How to Treat Milk Fever (Hypocalcemia) with Downland

What is Milk Fever? 
A shortfall in the amount of calcium in the blood available to the cow.

When Does it Occur? 
Milk Fever can occur at or near the time of calving. The two lowest points of calcium availability for the cow are 12-hours pre- and 12-hours post-calving. It can also occur in whole-herd ‘runs’ at grass, where there have been flushes of potassium-rich grass (usually in spring or autumn), or in sileage from secondary cuts from after such flushes. 

How is it Caused? 
The onset of milk production resulting in the sudden requirement for colostrum and milk. This causes levels of calcium in the blood to drop rapidly. A dry cow needs to absorb 23 g of calcium daily; this increases to over 40g in the milking cow. Colostrum requires 2.5 g calcium per litre, milk requires 1.2 g calcium per litre. If the cow is unable to mobilise enough calcium quickly enough from either her bone reserves or absorb sufficient amounts from her diet to maintain these levels of calcium in the blood, milk fever can occur. In order to efficiently maximise the calcium absorbed from her diet and mobilised from bones, she needs to be in a state of mild metabolic acidosis. 

Milk Fever is Visible in 2 Stages:

Stage 1: Wobbly and trembling muscles. Possible loss of appetite. 

Stage 2: Down - It can also be linked to a reduction in smooth muscle function, which can be extremely painful. 

Importance of Calcium in the Cow

How do Cows Mobilise Calcium? 

A cow has to have her system in a mild metabolic acidosis to be efficient at both mobilising calcium and increasing absorption – when she isn’t efficient at mobilising calcium it can be that her system is too alkaline, so giving the right type of calcium is very important to help her system to achieve peak absorption when she needs it, as well as the correct amount of calcium to support her needs too. Supplementation is therefore required if this mobilisation process does not happen quick enough to meet the cow’s demands for colostrum / milk production.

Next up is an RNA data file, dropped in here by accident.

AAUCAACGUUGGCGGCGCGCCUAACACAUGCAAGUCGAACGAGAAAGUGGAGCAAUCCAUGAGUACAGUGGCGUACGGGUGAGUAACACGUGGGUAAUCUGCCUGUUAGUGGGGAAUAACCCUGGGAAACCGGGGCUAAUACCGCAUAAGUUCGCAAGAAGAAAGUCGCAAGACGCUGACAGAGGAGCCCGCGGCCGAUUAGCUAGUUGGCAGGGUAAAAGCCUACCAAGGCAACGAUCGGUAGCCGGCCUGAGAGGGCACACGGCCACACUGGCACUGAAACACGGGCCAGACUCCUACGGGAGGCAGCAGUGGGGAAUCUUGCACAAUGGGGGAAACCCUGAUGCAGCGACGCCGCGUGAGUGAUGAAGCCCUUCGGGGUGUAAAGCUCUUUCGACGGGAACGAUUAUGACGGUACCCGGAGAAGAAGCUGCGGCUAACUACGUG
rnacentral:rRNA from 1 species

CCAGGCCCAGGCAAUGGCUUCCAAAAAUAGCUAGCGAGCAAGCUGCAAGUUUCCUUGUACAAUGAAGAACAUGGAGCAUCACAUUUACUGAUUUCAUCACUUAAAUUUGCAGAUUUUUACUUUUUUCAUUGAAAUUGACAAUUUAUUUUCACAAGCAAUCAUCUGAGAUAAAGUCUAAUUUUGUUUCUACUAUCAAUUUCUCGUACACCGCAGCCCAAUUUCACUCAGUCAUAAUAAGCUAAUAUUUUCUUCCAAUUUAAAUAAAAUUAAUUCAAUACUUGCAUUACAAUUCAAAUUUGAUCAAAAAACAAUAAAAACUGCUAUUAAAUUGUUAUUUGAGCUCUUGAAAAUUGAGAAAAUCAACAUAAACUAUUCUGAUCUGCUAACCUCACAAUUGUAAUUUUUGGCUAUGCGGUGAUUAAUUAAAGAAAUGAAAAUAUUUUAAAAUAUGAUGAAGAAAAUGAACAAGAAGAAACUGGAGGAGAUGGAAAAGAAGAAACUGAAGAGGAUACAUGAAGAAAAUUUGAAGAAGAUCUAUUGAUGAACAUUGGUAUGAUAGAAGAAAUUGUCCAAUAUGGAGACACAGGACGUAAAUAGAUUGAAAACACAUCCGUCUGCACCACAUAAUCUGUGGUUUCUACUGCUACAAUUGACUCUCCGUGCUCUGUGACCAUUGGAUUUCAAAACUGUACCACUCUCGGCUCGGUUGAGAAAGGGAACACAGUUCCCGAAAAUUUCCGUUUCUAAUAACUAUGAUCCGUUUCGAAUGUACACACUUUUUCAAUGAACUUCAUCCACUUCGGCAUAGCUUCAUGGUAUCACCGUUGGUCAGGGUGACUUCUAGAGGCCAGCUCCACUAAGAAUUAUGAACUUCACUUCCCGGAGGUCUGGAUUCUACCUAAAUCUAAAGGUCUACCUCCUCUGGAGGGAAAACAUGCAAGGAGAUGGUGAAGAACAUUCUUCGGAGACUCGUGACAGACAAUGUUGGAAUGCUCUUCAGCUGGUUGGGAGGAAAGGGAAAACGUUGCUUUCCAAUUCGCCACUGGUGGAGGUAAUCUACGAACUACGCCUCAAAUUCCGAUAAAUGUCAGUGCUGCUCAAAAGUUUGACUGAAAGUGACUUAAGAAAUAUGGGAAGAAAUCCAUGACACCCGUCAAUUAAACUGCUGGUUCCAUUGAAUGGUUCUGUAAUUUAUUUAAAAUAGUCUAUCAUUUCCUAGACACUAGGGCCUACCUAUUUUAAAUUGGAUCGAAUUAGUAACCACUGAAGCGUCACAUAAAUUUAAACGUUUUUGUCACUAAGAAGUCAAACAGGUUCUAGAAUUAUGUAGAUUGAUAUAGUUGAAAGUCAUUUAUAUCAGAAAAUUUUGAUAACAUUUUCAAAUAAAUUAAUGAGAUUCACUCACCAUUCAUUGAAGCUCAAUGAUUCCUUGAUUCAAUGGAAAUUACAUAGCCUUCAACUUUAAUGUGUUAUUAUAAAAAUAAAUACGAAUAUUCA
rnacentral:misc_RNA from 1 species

Injectable Calcium vs Calcium Bolus 

Injectable Calcium

Calcium Bolus

Cow’s Daily Requirement for Calcium


11.9 g (as either 40 % Calcium borogluconate solution OR 40 % Calcium borogluconate solution + 5 % Magnesium hypophosphate)

43g (as Calcium sulphate and Calcium chloride)

34.95 g (580 kg Holstein in early lactation producing colostrum).

~50 g for Holstein producing 20 l.

DO NOT give a downer cow a calcium bolus until she is back on her feet, as her swallowing reflex can be impaired. She can then be given an Essential Calcium bolus to give a longer supply of the right forms of calcium to aid her recovery. 

ESSENTIAL CALCIUM is a fast-acting sustained release calcium bolus for adult dairy cows over 400 kg, ideally given pre and post calving. In herds where there are known calcium problems, whole-herd application should be used to reduce the risk of milk fever throughout the herd. 




Calcium chloride (E509)


FAST - rapidly absorbed in the rumen and provides an immediately available source of calcium.

Calcium sulphate (E516)


SLOW absorbed more slowly in the lower intestines and provides an extended supply of calcium.

Essential Calcium:

  • Reduces the risk of milk fever in dairy cows.  
  • Provides a large supply of calcium within 50 minutes of administration and for up to 24 hours after.  
  • Provides more calcium than the average daily requirement of a cow
  • Provides the right forms of calcium to support her own calcium mobilisation and utilisation.  
  • Can be given to all cattle either just prior to or after calving as blanket herd support.  
  • Neutral taste, aiding administration process. 

When to Use Essential Calcium:
If using pre and post calving, administer one bolus at first signs of calving and a second bolus 12-24 hours after the 1st bolus if necessary. For administration post-calving, administer one bolus immediately after calving and a second bolus 12-24 hours after the 1st bolus if necessary. This product can be used on the whole herd to help support cows to mobilise calcium as efficiently as possible.

For any more information on this effective product, or for any other advice please give us a call or come in and see us at Meirion Davies. 

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